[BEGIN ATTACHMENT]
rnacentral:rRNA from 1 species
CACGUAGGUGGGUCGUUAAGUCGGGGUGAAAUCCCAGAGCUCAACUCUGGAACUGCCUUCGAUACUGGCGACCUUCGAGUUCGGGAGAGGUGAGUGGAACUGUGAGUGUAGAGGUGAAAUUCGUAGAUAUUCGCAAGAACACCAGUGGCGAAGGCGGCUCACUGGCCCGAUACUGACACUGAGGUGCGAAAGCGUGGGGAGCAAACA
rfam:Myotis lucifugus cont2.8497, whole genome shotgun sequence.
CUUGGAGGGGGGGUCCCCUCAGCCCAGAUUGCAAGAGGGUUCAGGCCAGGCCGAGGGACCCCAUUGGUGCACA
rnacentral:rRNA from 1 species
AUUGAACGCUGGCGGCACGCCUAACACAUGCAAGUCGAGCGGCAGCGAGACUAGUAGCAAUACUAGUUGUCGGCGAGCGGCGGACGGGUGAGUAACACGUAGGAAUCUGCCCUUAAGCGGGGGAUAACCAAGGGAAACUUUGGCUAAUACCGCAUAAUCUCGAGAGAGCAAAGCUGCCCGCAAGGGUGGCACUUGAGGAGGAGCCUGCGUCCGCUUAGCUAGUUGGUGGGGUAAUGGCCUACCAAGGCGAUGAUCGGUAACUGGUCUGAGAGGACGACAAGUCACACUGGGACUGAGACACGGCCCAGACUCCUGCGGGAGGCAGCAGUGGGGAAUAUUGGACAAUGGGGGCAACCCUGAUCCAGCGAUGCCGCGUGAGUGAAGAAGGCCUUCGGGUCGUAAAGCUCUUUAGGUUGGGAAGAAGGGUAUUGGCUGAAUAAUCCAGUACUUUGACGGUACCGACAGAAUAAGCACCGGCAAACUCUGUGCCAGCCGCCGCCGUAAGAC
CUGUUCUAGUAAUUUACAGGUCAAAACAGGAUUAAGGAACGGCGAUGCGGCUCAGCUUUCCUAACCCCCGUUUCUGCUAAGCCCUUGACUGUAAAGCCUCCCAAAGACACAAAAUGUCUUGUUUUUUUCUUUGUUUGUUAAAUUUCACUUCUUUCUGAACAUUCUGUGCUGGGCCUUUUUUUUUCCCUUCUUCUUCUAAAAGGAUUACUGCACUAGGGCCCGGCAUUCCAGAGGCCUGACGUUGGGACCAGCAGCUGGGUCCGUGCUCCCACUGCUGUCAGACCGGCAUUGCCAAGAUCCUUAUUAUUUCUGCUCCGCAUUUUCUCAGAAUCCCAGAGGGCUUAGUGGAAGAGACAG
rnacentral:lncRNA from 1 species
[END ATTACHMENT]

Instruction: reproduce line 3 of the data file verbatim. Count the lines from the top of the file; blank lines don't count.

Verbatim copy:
rfam:Myotis lucifugus cont2.8497, whole genome shotgun sequence.